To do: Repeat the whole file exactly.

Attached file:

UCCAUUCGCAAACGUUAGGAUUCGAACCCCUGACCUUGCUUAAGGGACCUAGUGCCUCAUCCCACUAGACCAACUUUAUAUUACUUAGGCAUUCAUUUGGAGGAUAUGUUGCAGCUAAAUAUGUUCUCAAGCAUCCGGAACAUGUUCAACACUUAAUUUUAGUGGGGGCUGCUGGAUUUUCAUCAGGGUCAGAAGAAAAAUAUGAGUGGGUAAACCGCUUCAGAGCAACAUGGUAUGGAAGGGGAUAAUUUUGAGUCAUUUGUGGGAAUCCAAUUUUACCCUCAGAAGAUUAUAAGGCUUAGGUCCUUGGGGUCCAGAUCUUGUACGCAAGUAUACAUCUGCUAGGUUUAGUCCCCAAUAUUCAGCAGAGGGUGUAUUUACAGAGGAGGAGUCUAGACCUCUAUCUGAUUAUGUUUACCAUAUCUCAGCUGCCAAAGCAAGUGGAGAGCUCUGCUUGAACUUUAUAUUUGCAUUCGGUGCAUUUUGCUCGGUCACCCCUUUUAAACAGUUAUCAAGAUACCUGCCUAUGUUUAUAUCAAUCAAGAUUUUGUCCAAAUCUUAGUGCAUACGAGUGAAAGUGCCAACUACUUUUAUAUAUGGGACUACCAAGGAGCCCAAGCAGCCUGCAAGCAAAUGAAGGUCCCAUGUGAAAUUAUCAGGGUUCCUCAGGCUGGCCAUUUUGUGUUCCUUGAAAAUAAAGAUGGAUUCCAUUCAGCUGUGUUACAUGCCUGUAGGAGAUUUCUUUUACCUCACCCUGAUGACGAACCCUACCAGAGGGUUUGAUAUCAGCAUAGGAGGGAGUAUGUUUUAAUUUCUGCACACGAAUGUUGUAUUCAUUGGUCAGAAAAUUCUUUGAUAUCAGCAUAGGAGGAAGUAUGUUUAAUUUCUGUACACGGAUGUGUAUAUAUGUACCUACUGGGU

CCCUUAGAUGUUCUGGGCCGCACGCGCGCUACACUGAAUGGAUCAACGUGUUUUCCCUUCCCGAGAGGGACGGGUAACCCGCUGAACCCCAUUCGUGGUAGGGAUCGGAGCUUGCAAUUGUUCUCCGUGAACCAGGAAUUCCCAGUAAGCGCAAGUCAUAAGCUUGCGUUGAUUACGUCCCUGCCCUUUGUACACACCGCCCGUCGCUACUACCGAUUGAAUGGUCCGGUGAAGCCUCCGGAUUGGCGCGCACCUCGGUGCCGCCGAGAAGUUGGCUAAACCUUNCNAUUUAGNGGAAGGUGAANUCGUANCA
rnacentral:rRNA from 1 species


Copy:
UCCAUUCGCAAACGUUAGGAUUCGAACCCCUGACCUUGCUUAAGGGACCUAGUGCCUCAUCCCACUAGACCAACUUUAUAUUACUUAGGCAUUCAUUUGGAGGAUAUGUUGCAGCUAAAUAUGUUCUCAAGCAUCCGGAACAUGUUCAACACUUAAUUUUAGUGGGGGCUGCUGGAUUUUCAUCAGGGUCAGAAGAAAAAUAUGAGUGGGUAAACCGCUUCAGAGCAACAUGGUAUGGAAGGGGAUAAUUUUGAGUCAUUUGUGGGAAUCCAAUUUUACCCUCAGAAGAUUAUAAGGCUUAGGUCCUUGGGGUCCAGAUCUUGUACGCAAGUAUACAUCUGCUAGGUUUAGUCCCCAAUAUUCAGCAGAGGGUGUAUUUACAGAGGAGGAGUCUAGACCUCUAUCUGAUUAUGUUUACCAUAUCUCAGCUGCCAAAGCAAGUGGAGAGCUCUGCUUGAACUUUAUAUUUGCAUUCGGUGCAUUUUGCUCGGUCACCCCUUUUAAACAGUUAUCAAGAUACCUGCCUAUGUUUAUAUCAAUCAAGAUUUUGUCCAAAUCUUAGUGCAUACGAGUGAAAGUGCCAACUACUUUUAUAUAUGGGACUACCAAGGAGCCCAAGCAGCCUGCAAGCAAAUGAAGGUCCCAUGUGAAAUUAUCAGGGUUCCUCAGGCUGGCCAUUUUGUGUUCCUUGAAAAUAAAGAUGGAUUCCAUUCAGCUGUGUUACAUGCCUGUAGGAGAUUUCUUUUACCUCACCCUGAUGACGAACCCUACCAGAGGGUUUGAUAUCAGCAUAGGAGGGAGUAUGUUUUAAUUUCUGCACACGAAUGUUGUAUUCAUUGGUCAGAAAAUUCUUUGAUAUCAGCAUAGGAGGAAGUAUGUUUAAUUUCUGUACACGGAUGUGUAUAUAUGUACCUACUGGGU

CCCUUAGAUGUUCUGGGCCGCACGCGCGCUACACUGAAUGGAUCAACGUGUUUUCCCUUCCCGAGAGGGACGGGUAACCCGCUGAACCCCAUUCGUGGUAGGGAUCGGAGCUUGCAAUUGUUCUCCGUGAACCAGGAAUUCCCAGUAAGCGCAAGUCAUAAGCUUGCGUUGAUUACGUCCCUGCCCUUUGUACACACCGCCCGUCGCUACUACCGAUUGAAUGGUCCGGUGAAGCCUCCGGAUUGGCGCGCACCUCGGUGCCGCCGAGAAGUUGGCUAAACCUUNCNAUUUAGNGGAAGGUGAANUCGUANCA
rnacentral:rRNA from 1 species